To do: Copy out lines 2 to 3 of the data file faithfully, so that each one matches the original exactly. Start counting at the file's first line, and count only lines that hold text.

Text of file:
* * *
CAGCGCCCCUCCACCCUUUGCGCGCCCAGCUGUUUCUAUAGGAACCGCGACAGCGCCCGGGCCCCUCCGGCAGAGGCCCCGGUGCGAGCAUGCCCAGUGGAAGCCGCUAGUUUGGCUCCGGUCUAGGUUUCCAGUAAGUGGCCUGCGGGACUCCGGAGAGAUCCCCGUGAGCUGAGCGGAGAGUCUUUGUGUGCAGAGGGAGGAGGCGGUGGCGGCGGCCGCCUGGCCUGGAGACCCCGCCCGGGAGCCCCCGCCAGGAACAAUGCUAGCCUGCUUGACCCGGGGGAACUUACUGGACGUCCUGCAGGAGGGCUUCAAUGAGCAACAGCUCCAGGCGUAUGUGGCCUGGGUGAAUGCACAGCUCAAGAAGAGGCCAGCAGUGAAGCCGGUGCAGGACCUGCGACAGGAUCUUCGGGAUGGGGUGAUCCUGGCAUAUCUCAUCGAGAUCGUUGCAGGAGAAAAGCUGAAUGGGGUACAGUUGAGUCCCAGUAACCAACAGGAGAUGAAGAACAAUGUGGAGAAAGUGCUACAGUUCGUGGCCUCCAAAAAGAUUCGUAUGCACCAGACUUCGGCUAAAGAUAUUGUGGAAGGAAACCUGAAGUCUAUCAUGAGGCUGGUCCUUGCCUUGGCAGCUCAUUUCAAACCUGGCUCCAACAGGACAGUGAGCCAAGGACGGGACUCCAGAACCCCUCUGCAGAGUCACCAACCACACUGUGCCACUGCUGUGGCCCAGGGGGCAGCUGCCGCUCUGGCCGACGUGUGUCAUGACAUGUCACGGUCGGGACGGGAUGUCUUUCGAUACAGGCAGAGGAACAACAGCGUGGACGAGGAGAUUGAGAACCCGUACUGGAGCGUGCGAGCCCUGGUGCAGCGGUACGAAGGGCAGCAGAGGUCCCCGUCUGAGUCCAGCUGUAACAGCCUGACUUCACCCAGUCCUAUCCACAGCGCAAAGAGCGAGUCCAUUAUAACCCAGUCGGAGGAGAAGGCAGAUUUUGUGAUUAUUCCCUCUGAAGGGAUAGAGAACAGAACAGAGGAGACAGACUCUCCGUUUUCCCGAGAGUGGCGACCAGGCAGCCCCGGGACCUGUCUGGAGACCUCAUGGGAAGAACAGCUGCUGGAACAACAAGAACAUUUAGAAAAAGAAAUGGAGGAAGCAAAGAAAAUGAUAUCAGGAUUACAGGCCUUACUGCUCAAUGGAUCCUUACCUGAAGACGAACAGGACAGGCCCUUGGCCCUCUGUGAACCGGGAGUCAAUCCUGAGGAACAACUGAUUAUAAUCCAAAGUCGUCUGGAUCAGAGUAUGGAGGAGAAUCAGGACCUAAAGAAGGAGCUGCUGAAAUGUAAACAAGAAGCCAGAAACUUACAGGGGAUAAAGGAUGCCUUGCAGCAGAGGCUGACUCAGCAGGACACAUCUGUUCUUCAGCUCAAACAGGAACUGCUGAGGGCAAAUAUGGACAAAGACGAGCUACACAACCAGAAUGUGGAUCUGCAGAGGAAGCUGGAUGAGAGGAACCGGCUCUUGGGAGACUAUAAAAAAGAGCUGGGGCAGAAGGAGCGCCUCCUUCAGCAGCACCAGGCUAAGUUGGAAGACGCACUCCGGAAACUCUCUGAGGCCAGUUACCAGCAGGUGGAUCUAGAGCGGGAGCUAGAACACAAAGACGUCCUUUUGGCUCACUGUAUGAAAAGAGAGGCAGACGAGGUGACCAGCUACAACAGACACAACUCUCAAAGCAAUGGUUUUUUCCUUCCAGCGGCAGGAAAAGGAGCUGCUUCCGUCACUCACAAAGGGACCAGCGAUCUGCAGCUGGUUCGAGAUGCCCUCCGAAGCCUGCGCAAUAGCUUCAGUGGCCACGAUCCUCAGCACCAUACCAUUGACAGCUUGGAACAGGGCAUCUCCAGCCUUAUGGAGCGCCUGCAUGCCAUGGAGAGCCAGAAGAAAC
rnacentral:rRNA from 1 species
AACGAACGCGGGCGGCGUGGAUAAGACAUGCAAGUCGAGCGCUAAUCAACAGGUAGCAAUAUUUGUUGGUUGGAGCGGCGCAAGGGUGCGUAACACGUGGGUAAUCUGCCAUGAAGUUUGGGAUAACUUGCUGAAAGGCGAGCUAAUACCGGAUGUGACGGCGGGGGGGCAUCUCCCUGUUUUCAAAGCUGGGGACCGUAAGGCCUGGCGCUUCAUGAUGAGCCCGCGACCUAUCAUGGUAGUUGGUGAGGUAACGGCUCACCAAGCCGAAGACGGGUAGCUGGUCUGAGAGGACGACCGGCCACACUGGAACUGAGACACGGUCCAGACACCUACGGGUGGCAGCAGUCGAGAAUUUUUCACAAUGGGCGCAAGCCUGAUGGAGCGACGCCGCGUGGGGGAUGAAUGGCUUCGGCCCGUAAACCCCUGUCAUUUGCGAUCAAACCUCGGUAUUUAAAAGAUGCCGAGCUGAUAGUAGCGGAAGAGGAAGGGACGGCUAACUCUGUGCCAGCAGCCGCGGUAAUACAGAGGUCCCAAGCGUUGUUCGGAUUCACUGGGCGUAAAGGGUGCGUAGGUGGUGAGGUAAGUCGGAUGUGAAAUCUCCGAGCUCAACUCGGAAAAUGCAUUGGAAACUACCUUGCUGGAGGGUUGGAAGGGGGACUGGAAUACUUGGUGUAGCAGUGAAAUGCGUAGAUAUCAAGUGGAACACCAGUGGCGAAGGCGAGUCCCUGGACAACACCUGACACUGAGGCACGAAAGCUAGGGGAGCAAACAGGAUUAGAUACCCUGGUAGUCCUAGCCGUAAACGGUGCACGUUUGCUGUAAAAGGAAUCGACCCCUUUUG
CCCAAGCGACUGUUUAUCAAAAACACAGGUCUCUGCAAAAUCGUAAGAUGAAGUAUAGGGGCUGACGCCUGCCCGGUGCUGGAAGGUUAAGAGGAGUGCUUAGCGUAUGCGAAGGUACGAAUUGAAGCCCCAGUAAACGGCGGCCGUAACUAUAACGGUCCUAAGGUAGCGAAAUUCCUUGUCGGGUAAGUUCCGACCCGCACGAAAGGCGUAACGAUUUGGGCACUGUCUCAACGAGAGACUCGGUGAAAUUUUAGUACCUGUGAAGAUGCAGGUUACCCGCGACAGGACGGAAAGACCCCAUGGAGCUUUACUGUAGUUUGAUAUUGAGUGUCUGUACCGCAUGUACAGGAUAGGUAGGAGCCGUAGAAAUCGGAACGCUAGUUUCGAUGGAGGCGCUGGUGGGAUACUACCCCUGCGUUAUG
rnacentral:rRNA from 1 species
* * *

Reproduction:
rnacentral:rRNA from 1 species
AACGAACGCGGGCGGCGUGGAUAAGACAUGCAAGUCGAGCGCUAAUCAACAGGUAGCAAUAUUUGUUGGUUGGAGCGGCGCAAGGGUGCGUAACACGUGGGUAAUCUGCCAUGAAGUUUGGGAUAACUUGCUGAAAGGCGAGCUAAUACCGGAUGUGACGGCGGGGGGGCAUCUCCCUGUUUUCAAAGCUGGGGACCGUAAGGCCUGGCGCUUCAUGAUGAGCCCGCGACCUAUCAUGGUAGUUGGUGAGGUAACGGCUCACCAAGCCGAAGACGGGUAGCUGGUCUGAGAGGACGACCGGCCACACUGGAACUGAGACACGGUCCAGACACCUACGGGUGGCAGCAGUCGAGAAUUUUUCACAAUGGGCGCAAGCCUGAUGGAGCGACGCCGCGUGGGGGAUGAAUGGCUUCGGCCCGUAAACCCCUGUCAUUUGCGAUCAAACCUCGGUAUUUAAAAGAUGCCGAGCUGAUAGUAGCGGAAGAGGAAGGGACGGCUAACUCUGUGCCAGCAGCCGCGGUAAUACAGAGGUCCCAAGCGUUGUUCGGAUUCACUGGGCGUAAAGGGUGCGUAGGUGGUGAGGUAAGUCGGAUGUGAAAUCUCCGAGCUCAACUCGGAAAAUGCAUUGGAAACUACCUUGCUGGAGGGUUGGAAGGGGGACUGGAAUACUUGGUGUAGCAGUGAAAUGCGUAGAUAUCAAGUGGAACACCAGUGGCGAAGGCGAGUCCCUGGACAACACCUGACACUGAGGCACGAAAGCUAGGGGAGCAAACAGGAUUAGAUACCCUGGUAGUCCUAGCCGUAAACGGUGCACGUUUGCUGUAAAAGGAAUCGACCCCUUUUG